Updates from August, 2019 Toggle Comment Threads | Keyboard Shortcuts

  • Kate 22:45 on 2019-08-20 Permalink | Reply  

    Dear old Agent 728 has been stood up by the Barreau du Québec in an attempt to have the prosecutor in her assault case disciplined. Not only that, but her attempt was called frivolous, abusive and without foundation.

    • david100 01:32 on 2019-08-22 Permalink

      Worth a try. Can’t tell if those are jail blues, but if that’s what she looked like in the slammer, I very much doubt that she had many problems.

    • Tim 08:33 on 2019-08-22 Permalink

      @david100: she never spent any time in jail. Instead she was given a full pension (which usually requires 30 years of service) after just 19 years.

    • Kate 10:11 on 2019-08-22 Permalink

      The force just wanted to get rid of her, without too much of a fight.

  • Kate 22:40 on 2019-08-20 Permalink | Reply  

    Metro, which doesn’t usually make mistakes like this, illustrates a piece about Plateau borough’s plans to revive St-Denis Street with a photo of the street at the corner of Jarry – two boroughs north, in Villeray.

    • Kate 20:47 on 2019-08-20 Permalink | Reply  

      Marvin Rotrand has succeeded in getting police use of facial recognition software on the agenda at city hall. But I think in the long run that government and/or police use of the technology will pale beside private use for commercial exploitation.

      • Ephraim 15:10 on 2019-08-21 Permalink

        When you look at how the Chinese want to use it… it’s more than chilling…

    • Kate 20:41 on 2019-08-20 Permalink | Reply  

      Tenants of those contentious apartments on Côte St-Luc Road want a referendum on the project to evict them, tear down their homes and build something fancier. Bill Steinberg continues to polish his reputation as one greedy guy, with his “let’s put it in perspective, these developers are going way above and beyond what’s required.” It’s not only about money, you putz.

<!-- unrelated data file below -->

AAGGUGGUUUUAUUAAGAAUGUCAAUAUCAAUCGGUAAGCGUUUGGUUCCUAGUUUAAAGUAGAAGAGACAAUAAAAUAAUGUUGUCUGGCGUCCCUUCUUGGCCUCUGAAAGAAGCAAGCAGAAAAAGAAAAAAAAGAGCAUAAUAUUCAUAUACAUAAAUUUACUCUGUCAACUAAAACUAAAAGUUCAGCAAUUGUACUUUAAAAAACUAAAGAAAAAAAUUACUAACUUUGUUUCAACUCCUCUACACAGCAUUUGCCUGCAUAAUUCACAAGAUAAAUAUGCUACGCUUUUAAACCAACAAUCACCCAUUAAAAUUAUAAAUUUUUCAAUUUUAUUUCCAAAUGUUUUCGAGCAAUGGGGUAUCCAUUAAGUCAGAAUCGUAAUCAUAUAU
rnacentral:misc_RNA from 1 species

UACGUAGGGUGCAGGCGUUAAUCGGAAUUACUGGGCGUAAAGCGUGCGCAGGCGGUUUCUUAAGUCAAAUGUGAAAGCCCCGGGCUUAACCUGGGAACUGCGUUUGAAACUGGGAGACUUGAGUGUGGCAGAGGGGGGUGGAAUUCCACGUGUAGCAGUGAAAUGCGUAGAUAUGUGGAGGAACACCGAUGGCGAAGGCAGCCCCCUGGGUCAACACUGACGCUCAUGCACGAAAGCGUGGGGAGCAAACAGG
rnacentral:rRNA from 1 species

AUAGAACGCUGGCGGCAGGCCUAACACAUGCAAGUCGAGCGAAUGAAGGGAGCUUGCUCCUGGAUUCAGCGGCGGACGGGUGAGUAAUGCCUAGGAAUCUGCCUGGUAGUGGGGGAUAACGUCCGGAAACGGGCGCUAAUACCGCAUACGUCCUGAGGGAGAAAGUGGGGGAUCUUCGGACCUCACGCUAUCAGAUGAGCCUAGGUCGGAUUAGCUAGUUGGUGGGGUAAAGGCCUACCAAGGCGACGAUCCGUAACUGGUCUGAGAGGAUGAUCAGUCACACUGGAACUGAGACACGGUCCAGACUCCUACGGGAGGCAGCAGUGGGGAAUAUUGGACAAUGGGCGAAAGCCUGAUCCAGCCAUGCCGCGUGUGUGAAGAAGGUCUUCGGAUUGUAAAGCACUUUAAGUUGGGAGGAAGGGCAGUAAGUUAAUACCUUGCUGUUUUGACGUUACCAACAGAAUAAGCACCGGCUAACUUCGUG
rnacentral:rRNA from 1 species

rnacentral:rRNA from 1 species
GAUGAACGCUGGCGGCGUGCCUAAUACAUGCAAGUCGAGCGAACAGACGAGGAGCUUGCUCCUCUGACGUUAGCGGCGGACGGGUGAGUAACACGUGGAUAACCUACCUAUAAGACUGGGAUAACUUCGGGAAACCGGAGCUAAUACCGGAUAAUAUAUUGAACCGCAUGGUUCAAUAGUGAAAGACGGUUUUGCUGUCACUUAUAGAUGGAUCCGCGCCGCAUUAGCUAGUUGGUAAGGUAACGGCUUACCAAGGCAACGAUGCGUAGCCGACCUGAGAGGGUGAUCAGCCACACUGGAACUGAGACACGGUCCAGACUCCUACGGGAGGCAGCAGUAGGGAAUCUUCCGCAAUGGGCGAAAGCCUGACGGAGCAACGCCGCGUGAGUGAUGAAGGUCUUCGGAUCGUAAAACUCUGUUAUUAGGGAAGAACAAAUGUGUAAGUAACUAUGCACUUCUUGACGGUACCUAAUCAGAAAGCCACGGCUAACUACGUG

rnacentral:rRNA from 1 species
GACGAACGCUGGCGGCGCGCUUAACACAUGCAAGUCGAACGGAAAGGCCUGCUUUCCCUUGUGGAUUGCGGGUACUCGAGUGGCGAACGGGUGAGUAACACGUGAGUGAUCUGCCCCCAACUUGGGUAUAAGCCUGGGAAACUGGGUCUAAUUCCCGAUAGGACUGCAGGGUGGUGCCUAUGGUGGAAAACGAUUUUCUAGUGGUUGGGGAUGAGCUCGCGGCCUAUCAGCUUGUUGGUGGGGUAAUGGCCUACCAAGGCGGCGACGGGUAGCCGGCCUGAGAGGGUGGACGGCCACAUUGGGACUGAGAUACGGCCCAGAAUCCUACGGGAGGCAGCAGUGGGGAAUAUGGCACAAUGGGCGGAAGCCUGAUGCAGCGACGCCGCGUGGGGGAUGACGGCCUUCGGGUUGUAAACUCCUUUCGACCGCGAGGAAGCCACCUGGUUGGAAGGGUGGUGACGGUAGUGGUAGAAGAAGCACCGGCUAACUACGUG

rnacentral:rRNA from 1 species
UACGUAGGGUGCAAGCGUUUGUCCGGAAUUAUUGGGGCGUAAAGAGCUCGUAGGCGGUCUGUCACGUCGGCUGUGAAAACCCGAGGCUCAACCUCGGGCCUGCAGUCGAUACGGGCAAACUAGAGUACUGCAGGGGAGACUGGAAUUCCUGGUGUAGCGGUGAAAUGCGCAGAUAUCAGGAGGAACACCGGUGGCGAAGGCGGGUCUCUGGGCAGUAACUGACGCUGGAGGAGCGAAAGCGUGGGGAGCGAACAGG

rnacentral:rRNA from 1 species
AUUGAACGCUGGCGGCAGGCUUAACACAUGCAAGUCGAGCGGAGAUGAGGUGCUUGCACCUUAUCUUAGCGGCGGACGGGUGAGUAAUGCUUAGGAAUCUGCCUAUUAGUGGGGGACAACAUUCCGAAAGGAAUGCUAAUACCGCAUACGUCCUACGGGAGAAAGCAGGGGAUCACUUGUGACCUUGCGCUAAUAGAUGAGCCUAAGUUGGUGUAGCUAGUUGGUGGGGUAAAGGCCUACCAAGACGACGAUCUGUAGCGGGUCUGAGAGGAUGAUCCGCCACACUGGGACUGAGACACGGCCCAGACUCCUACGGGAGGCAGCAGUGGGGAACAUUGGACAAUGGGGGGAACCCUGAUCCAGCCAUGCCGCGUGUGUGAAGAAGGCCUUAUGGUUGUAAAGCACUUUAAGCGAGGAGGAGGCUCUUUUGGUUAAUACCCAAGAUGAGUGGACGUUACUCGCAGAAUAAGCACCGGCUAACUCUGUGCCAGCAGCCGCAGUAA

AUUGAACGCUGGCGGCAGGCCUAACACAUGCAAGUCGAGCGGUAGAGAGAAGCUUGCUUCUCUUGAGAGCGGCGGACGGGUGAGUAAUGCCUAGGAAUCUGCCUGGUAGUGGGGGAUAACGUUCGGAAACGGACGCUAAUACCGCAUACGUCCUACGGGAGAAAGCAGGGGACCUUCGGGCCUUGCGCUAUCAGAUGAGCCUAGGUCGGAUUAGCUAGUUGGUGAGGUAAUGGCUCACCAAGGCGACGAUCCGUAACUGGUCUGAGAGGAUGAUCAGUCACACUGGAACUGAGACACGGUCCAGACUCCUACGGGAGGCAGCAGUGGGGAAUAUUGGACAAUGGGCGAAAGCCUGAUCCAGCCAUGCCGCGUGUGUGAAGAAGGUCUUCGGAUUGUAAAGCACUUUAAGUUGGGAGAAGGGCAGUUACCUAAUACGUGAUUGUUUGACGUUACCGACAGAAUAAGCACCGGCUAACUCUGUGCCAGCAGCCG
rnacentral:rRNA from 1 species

• Ephraim 15:12 on 2019-08-21 Permalink

        Even if it isn’t, the tenants should have bonded together to buy the building and formed a cooperative. It’s unfortunate, but the deciding factor is ownership above all else….

    • Kate 19:26 on 2019-08-20 Permalink | Reply  

      Airbnb abruptly shut down one of Canada’s most prolific Airbnb listers, AJ, based in Montreal, but like some kind of multi-tentacled alien beast, many of the listings popped right back up under new pseudonyms.

      • Ephraim 15:13 on 2019-08-21 Permalink

        There is at least one more guy in Montreal using a stock photo and a fake name, changed his name after the last CBC report, he’s now known as Seb.

    • Kate 19:23 on 2019-08-20 Permalink | Reply  

      The city has announced an intention to write its communications in a more gender-inclusive fashion – always trickier in French than in English.

      • Kate 19:20 on 2019-08-20 Permalink | Reply  

        One of the selling points of building a new hospital was that all the rooms would be individual, and it’s turned out to be a good idea, reducing the transmission of infections at the new Royal Vic, although not C. difficile.

        • Kate 12:32 on 2019-08-20 Permalink | Reply  

          I’m not sure what the Institut du Québec exactly is – it’s clearly some sort of economists’ platform, but it has no Wikipedia entry (in either language) and its political bias is not known to me.

          Anyway, the Institut has a report (PDF) saying Montreal is doing pretty well, economically, compared to the rest of Quebec, but is held back by having too many unskilled workers.

          (The secret is to bang the rocks together, guys.)

          • Kevin 14:59 on 2019-08-20 Permalink

            The Institut du Quebec is overseen by the Conference Board of Canada and HEC Montreal.

          • Jack 15:01 on 2019-08-20 Permalink

            It is run by HEC and Conference Board of Canada. It used to line up against the Institut de Rechearche sur le Quebec which said everything was Canada’s fault.

          • CE 15:21 on 2019-08-20 Permalink

            Wasn’t there a story a few weeks ago about a deli not being to find employees because the workers are *too* skilled and not willing to take on manual work?

        • Kate 12:22 on 2019-08-20 Permalink | Reply  

          Valérie Plante spoke up for Benoît Dorais on Monday in the affair of Dorais’ speeding ticket. Plante pointed out that Dorais admitted his fault and didn’t pull a Denis Coderre by trying to leverage his clout to get out of the jam.

          • Kate 12:16 on 2019-08-20 Permalink | Reply